Introducing “Heuristics for Good Software Design”

A series of posts in which I explain how I think about effective software design.

Assumed audience: For the series: practitioners of software development interested in bettering their craft. For this particular post: also people interested in thinking, learning, intuitions, heuristics, and mental models.

With this post, I am kicking off a new series on software development organized around the theme of heuristics for good software design. Each post in the series will cover an idea I return to consistently for designing robust, maintainable software. Each heuristic is an idea I have deeply internalized over the course of my career so far as a useful mental tool for thinking about and solving problems in software design.

There are a number of subject areas I already know I’ll dig into, including:

  • general patterns for all software
    • robustness (especially in UI)
    • maintainability
    • refactor-ability
  • API design
  • test-writing
    • what to test, and what not to
    • how to test the things we test
  • reactivity in user interfaces

Some of the heuristics are high-level and general: prefer approaches which enable local reasoning. Others are quite specific to certain families of programming languages (and over-the-top, to boot!): setters are evil.

This list is representative, not exhaustive. The set of both subject areas and specific intuitions I plan to cover is continually growing: Practicing the craft generates new insights, and teaching it to others helps me formalize those insights into useful and snappy phases and framings. (I often discover that I rely on a given intuition in the midst of providing design feedback to other developers. The ever-appropriate question Why is that design preferable?” inevitably makes me dig around until I understand my own intuitive reasoning well enough to explain it.)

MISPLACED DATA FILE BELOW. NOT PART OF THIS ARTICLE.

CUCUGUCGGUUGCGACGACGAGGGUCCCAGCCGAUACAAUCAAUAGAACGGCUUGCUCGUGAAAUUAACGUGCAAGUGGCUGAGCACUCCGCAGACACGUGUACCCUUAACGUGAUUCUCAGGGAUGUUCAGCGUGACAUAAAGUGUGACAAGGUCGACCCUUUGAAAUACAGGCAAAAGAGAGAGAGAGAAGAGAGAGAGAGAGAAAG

A key distinction (one which I will hammer on throughout the series): these ideas are heuristics, not rules. There is, as far as I can tell, exactly and only one rule of software development: There is no single rule you can apply in every circumstance in software development. There are, however, a lot of useful patterns we can learn to apply to problems when we recognize that they’re applicable, given a set of constraints.

Put another way: heuristics, by definition, are not replacements for actually deeply understanding the craft of software. To the contrary! A heuristic is a mental shortcut, an intuition developed over time through repetition.1 But any such mental shortcut is only as dependable as the fundamentals on which it is built, and only insofar as it does accurately represent those fundamentals. Applying any intuition as a hard-and-fast rule is a fast path to failure. So is failing to revise or update a heuristic as you continue growing and learning.

On publishing:

  • I expect the series will grow indefinitely. As long as I find writing these posts to be profitable to me, I will keep at it!

  • I will likely revisit and revise these posts much more than others on the site — as is only appropriate given my comments on revising and updating heuristics! (I am still thinking on the best way to handle this terms of my Atom, JSON, and email feeds. I’d like to find some way to actively notify readers when I’ve significantly revised a piece on the site in general.)

  • Posts will be published when I have a new heuristic to describe, rather than on any set schedule. In my experience, these sorts of things don’t really appear on command. Rather, they’re the fruit of many months spent working in a problem space and trying to explain things in that domain to others.

The basic outline and approach for each post will be:

  1. Introduce the heuristic.
  2. Explain the fundamentals which make the heuristic useful.
  3. Point out where the heuristic is useful and applicable — and where it is not.
  4. Provide one or more worked examples.

The first post in the series proper (that is, tackling an actual heuristic, rather than just introducing the series) should appear sometime in the next few weeks. I look forward to hearing your thoughts and feedback!


  1. Yes, intuitions can be built: intuitions are not instincts. ↩︎